Ponderosa Mafia (Series Review: “Yellowstone”)

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Kevin Costner smolders as the conflicted magnate of the largest cattle ranch in the U.S., whose family code more reflects The Godfather than Bonanza. Is he Ben Cartwright or Don Corleone on horseback?

SnapShot Plot

A thrilling, emotion-packed and violent family saga, Yellowstone (on the Paramount Network) is the sweeping story of the Dutton family, whose Montana cattle ranch, the Yellowstone, is the largest in the country, roughly the size of Rhode Island. To grasp its scope, this is the kind of territory which requires a helicopter (rather than horses) to make the rounds of all the Yellowstone lands. The patriarch, John Dutton is portrayed by Kevin Costner with the understated laconic style for which the actor has become an American legend. Dutton, with the aid of most of his adult children, runs the family business with an iron fist, yet commands the loyalty and outright fealty of everyone who works for him. That goes double for his progeny. To put it mildly, like a new horse on the ranch, once you’re broken in to the world of Yellowstone, you’re branded for life.

Over the course of 9 episodes in Season 1, which go by in a flash, an epic battle is being waged between the Dutton enterprise and two threatening elements: a sprawling land development deal anchored by an old enemy; and a newly elected Indian tribal leader who is hell bent on reclaiming his people’s land from the family who snatched it away six generations earlier. To complicate matters, Dutton’s youngest son Kayce (played by Luke Grimes) lives on the reservation with his Indian wife and young son, having fled his father’s control years earlier. The other Dutton offspring include: Jamie (played by Wes Bentley), the family attorney whose political ambitions become problematic for his father; Lee, the oldest son who provides security services for the ranch; and the most complicated of all, Beth (played by Kelly Reilly), the troubled and formidable daughter who would take a bullet for her father but is capable of indescribable cruelty and abuse herself.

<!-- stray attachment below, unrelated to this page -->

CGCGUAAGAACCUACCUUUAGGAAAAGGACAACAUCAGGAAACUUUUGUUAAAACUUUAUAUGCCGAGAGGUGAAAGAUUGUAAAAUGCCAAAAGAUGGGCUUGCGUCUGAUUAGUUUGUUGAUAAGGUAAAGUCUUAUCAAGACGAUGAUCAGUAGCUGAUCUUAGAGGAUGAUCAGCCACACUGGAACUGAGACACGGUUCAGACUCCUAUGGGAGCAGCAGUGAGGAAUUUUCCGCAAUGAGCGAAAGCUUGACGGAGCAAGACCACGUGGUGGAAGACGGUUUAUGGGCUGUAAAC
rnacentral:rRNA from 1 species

The power and position enjoyed by John Dutton (and the enviable entitlement that comes with his family name) have been purchased through generations of hard work but enforced by the kind of thuggery and criminal backroom machinations that make him someone to be feared by all who might trespass on his kingdom. As his enemies begin to converge and the Duttons find themselves at war with the world around them – as well as with each other – a showdown is inevitable. Who will fall and who will gallop into the sunset?

 

Parting Shot

Admittedly, the gorgeously filmed Yellowstone is not available on a streaming service but rather On Demand, on the Paramount Network. But this well-acted, dramatic and well-scripted show seems to have fallen through the cracks to a wider streaming audience, and it really shouldn’t be missed. Created by rising star, Taylor Sheridan (Wind River, Sicario, Hell or High Water) it’s a family saga that in some ways resembles Bonanza – a powerful patriarch/widower cattle rancher and the homestead he shares with his adult children – but there the similarities end. While Bonanza’s Ben Cartwright represents the Leader as an Everyman epic hero, Yellowstone’s John Dutton turns the trope sideways, manifesting his Leadership as a Machiavellian construct, ruthless to the bitter end. Yet his devotion to his family is unshakable, sacrosanct. So, like Michael Corleone (and Tony Soprano after him) we are drawn to John like moths to a flame. And of course on some deep, primal level we are John Dutton, convincing ourselves that when it comes to protecting our own, all bets are off the table.

Yellowstone is presently streaming on The Paramount Network, On Demand. Season 2 will premier on June 19, 2019.

Much in the same way that real-life location shoots can rise to the level of real estate ‘porn’  (think Diane Keaton’s Hamptons home in As Good As It Gets), check out this article about the Montana log mansion that doubles for the Dutton family home: https://nypost.com/2018/07/13/montana-log-mansion-brings-splendor-to-yellowstone/

Norma’s Streaming Picks is proud to announce squatters’ rights on a fantastic site for Baby Boomers, Midcentury/Modern as well as right here at home. I invite you to go there for more great content!

YouTube Trailer: https://www.youtube.com/watch?v=jr32f0rnK1o

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